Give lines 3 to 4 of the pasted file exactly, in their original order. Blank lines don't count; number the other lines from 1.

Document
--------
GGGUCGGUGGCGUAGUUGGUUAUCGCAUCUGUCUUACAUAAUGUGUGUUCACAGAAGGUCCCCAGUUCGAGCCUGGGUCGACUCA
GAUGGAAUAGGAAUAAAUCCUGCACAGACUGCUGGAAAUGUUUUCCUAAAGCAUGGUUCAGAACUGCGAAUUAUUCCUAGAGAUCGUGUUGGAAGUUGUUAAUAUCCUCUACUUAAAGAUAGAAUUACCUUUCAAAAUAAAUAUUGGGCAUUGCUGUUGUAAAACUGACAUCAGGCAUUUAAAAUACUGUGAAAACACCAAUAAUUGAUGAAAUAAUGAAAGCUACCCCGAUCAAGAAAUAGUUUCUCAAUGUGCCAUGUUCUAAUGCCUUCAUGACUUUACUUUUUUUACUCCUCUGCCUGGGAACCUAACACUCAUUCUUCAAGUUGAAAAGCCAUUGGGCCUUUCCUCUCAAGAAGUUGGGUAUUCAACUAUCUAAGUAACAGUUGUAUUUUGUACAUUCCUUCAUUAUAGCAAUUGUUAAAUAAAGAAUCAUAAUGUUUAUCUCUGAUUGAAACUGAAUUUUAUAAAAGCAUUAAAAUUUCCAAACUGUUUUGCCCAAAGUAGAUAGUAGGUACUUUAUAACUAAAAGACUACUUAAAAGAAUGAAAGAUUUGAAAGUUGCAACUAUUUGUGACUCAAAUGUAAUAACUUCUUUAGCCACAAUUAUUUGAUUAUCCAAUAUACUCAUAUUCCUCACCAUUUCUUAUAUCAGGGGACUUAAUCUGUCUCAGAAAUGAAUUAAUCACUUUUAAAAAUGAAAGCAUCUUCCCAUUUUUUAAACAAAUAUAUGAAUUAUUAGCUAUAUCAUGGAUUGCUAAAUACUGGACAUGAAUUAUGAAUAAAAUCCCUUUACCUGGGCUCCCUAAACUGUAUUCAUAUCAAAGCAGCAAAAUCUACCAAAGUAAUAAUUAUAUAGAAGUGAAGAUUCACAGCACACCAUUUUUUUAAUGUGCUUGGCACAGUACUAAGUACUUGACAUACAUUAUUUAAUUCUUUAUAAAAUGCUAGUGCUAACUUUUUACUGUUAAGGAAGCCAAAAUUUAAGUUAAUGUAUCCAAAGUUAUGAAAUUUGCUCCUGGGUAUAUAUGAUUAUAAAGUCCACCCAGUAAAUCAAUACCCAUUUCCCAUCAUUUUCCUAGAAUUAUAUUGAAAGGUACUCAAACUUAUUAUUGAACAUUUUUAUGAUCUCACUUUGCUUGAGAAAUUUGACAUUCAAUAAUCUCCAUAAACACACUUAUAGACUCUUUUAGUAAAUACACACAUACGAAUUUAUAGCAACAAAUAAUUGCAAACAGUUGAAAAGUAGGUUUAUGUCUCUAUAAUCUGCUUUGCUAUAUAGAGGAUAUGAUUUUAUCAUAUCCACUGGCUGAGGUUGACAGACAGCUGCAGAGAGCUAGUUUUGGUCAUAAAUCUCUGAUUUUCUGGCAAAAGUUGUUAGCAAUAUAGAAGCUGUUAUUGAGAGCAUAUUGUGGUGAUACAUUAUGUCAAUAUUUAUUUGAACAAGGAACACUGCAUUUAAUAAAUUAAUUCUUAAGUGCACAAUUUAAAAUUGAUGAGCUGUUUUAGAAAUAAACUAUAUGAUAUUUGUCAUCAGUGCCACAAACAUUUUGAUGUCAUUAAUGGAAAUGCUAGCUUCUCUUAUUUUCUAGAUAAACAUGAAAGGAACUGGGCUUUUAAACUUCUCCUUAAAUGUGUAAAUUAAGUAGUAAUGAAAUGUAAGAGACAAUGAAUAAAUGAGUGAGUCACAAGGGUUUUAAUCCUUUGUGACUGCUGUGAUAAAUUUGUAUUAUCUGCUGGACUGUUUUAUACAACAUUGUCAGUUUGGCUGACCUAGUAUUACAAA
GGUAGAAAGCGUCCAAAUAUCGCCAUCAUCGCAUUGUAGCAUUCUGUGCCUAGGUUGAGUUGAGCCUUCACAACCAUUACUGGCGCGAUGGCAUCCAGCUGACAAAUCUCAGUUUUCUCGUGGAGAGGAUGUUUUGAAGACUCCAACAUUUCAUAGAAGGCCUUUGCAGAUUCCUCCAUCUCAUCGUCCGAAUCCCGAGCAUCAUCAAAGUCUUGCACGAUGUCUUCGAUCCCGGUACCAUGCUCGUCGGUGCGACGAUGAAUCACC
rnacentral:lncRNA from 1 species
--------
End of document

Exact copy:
GGUAGAAAGCGUCCAAAUAUCGCCAUCAUCGCAUUGUAGCAUUCUGUGCCUAGGUUGAGUUGAGCCUUCACAACCAUUACUGGCGCGAUGGCAUCCAGCUGACAAAUCUCAGUUUUCUCGUGGAGAGGAUGUUUUGAAGACUCCAACAUUUCAUAGAAGGCCUUUGCAGAUUCCUCCAUCUCAUCGUCCGAAUCCCGAGCAUCAUCAAAGUCUUGCACGAUGUCUUCGAUCCCGGUACCAUGCUCGUCGGUGCGACGAUGAAUCACC
rnacentral:lncRNA from 1 species